The U.S. government has allocated two large, vacant brick buildings 400 yards southeast of the Washington Monument and adjacent to the national Mall for a $30- to $40-million Holocaust museum, federal officials confirmed yesterday.

The decision to place the memorial museum--in memory of Jewish and other Holocaust victims--so prominently, plus its large scale and the official status conferred by its congressional mandate, represent an extraordinary American commitment to remember one of history's darkest periods. The only other memorial on this scale is Israel's Yad Vashem in Jerusalem.

"My hope is that whoever will enter this museum will leave it a different person," said Elie Wiesel, chairman of the U.S. Holocaust Memorial Council, an independent federal agency set up by Congress in 1980 to raise private funds to create the memorial museum.

"Our hope is to create a living museum, not stones, but experiences, memorials, ideas, to keep the past alive . . . for the sake of future generations." Completion is scheduled for mid-1987.

Wiesel, a survivor of Auschwitz and Buchenwald and now a Boston University professor, said transfer of the buildings to the Holocaust council will be announced officially--perhaps by President Reagan--during the Days of Remembrance of the Holocaust, April 10 through 17. Nearly 20,000 concentration camp survivors are expected to meet then in Washington.

Wiesel said the council will announce a $75 million national fund drive for construction and the museum's programs. The council has an $820,000 federally funded budget this year, and has asked for $1,953,000 next year, but Wiesel said he hoped in the future "we don't need the taxpayers' money."

The 138 percent budget increase for next year is needed to pay the sharply increasing number of design, engineering, audio-visual, computer and other consultants required to plan the museum, according to Micah H. Naftalin, the council's senior deputy director. "We've now gone critical with the planning," he said. "It's a major undertaking."

Council officials are negotiating to get a third, smaller building adjacent to the two they have, a General Services Administration spokesman said yesterday.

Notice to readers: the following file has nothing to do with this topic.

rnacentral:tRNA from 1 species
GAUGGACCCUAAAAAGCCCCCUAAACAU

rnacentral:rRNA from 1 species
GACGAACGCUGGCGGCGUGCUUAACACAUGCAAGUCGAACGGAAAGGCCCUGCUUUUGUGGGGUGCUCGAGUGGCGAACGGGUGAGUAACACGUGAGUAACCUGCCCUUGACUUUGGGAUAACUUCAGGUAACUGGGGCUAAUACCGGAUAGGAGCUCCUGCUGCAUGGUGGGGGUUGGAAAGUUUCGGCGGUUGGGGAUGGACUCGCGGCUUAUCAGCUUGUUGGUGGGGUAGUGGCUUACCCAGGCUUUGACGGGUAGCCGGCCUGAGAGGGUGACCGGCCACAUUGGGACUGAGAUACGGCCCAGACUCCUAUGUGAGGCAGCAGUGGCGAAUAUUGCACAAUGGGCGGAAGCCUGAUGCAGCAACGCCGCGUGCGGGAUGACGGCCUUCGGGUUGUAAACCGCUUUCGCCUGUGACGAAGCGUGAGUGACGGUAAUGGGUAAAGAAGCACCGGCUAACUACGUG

Council Vice Chairman Mark Talisman said building the memorial museum is "a hell of a challenge. It's going to take every American to get involved . . . It will be an enormous place of learning, of caring . . . It's a museum and memorial to 6 million Jews and millions of others who died . . . Does one call it a Jewish memorial? No, not by any means. The dimensions will be much broader than that."

Among those designated for persecution and death by the Nazis were gypsies, Slavs, Jehovah's Witnesses, homosexuals, political opponents and others. Talisman added that the Holocaust and any related memorial must always have a special meaning for Jews--an entire race targeted for extinction by the Nazis.

Naftalin said, "It's by no means an ethnic or Jewish museum. It's for the whole American people. There will be an emphasis on the role of the liberators" and exhibits noting groups other than Jews who died in the camps.

The Sept. 29, 1979, report by the Commission on the Holocaust appointed by President Carter--which recommended building a memorial museum in Washington--said "special emphasis would also be placed on the American aspect of the Holocaust--the absence of American response (exclusion of refugees, denials of the Holocaust etc.), the American liberation of the camps, the reception of the survivors after 1945, the lives rebuilt in this country and their contribution to American society . . ."

Wiesel chaired the commission, as well as the council that Congress and the Reagan administration later created to implement commission recommendations.